- 12 ounces ziti, cooked to package directions (for some reason my grocery store did not have ziti, so I used penne)
- 1 tablespoon olive oil
- ⅓ onion, chopped
- 2 cloves garlic, chopped or pushed through garlic press
- ½ pound lean ground beef or italian sausage
- salt and pepper
- 1 26-ounce jar marinara sauce (I had a bunch of No-Cook Pizza Sauce left over and that made up the bulk of my sauce, with some leftover jarred sauce to make up the difference. The sauce was delicious!)
- 1 bunch or 1 small bag spinach, thick stems removed (about 4 cups)
- ½ cup ricotta cheese
- ½ cup grated Parmesan cheese
- 1 cup grated mozzarella cheese (I did more than 1 cup…probably about 1½ or so)
- Preheat oven to 400 degrees F.
- Drain cooked pasta and add it back to the pot.
- Heat olive oil over medium heat in a large skillet. Cook onion until soft and clear (4-5 minutes), then add garlic and cook about 1 minute more. Add the beef, ¾ teaspoon salt, ¼ teaspoon pepper and cook, breaking up the meat, until the meat is cooked through.
- Pour meat mixture into large pot of drained pasta. Add sauce, spinach, ricotta and ¼ cup of the Parmesan cheese. Transfer to a 9×13 casserole dish. Sprinkle with mozzarella cheese and ¼ cup Parmesan cheese. Bake until ziti is hot all the way through and cheese is melted, about 15 minutes.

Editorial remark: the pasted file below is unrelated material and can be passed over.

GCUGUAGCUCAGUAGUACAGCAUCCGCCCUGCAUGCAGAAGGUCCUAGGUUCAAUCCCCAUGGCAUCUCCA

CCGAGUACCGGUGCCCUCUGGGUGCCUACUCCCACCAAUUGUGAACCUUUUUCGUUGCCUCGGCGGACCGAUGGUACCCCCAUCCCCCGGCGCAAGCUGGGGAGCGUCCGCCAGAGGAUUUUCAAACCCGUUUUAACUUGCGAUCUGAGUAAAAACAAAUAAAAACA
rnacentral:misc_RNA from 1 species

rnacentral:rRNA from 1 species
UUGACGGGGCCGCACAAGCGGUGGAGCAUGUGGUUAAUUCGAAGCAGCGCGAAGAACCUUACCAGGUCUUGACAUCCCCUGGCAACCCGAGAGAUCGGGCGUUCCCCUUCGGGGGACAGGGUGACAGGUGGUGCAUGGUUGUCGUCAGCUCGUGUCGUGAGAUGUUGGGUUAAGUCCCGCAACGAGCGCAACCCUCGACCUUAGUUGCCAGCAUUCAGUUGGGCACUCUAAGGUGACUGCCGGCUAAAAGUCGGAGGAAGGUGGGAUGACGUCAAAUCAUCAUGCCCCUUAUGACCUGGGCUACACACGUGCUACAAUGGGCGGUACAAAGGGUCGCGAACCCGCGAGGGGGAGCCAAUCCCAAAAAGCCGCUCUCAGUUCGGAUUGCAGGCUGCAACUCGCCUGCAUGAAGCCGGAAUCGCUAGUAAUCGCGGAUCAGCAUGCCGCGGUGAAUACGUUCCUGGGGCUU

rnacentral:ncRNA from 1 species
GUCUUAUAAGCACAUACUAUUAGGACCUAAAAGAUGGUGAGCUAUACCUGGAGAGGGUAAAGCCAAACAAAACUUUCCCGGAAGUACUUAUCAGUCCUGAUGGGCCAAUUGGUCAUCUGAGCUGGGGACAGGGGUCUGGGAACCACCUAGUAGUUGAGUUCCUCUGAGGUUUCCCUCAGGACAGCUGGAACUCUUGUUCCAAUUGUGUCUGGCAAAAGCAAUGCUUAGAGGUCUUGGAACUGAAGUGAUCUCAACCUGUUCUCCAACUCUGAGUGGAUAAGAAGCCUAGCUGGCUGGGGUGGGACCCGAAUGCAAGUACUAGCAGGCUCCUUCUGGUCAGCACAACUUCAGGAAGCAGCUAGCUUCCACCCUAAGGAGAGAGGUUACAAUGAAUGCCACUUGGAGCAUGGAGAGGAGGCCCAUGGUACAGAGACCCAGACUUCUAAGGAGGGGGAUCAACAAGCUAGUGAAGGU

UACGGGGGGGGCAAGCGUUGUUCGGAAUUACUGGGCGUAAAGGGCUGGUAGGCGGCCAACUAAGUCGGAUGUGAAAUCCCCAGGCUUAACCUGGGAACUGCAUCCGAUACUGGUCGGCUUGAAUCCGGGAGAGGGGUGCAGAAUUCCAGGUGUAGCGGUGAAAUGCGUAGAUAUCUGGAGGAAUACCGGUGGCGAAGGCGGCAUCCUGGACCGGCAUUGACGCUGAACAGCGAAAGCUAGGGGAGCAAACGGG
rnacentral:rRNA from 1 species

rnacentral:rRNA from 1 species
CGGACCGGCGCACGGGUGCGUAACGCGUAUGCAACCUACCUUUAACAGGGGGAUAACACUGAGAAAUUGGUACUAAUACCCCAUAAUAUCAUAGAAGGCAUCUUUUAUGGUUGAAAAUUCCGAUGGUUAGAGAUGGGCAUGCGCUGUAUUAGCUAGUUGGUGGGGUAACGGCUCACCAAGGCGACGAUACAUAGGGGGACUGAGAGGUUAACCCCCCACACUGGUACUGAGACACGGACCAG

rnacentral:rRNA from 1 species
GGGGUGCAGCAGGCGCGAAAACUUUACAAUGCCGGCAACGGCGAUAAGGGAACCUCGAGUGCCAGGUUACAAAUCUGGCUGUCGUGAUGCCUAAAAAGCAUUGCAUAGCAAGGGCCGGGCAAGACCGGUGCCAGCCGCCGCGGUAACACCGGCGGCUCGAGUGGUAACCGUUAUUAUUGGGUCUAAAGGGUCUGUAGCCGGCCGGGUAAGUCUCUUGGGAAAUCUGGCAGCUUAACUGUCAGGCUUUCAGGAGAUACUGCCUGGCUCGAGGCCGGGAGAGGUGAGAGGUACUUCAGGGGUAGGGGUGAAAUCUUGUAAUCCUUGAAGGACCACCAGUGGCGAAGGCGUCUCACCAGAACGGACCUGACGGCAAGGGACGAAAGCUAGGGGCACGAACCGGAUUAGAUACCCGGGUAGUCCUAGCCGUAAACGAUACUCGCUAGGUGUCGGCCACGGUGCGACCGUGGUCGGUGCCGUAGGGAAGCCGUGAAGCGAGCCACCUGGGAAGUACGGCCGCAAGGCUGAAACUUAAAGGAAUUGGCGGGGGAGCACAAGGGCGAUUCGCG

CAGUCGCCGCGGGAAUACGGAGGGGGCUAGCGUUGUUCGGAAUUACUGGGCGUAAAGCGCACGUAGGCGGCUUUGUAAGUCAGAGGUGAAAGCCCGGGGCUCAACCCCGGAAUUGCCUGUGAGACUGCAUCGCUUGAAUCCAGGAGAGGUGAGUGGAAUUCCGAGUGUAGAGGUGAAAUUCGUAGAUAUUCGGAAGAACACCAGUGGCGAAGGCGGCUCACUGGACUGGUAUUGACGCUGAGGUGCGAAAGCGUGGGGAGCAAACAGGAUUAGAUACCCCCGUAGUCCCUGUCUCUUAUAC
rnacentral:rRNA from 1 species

Tuesday, October 16
One of my biggest food pet peeves is unripe tomatoes. You know the ones, those tomatoes you buy at the grocery store or get at restaurants throughout most of the year. The ones that travel many, many miles in a picked-before-they-are-ripe state. The ones that are rarely red inside and are lacking that full, wonderful flavor that tomatoes are supposed to have.
Since joining a CSA a few years back, I have pretty much stopped buying fresh tomatoes at the store. We enjoy fresh tomatoes only 1 or 2 months out of the year, when they are in season and are showing up in my weekly CSA bag. The rest of the time? I change my meal plans to reflect the lack of in-season tomatoes in our lives and go with recipes that utilize canned tomatoes instead. This approach has worked great!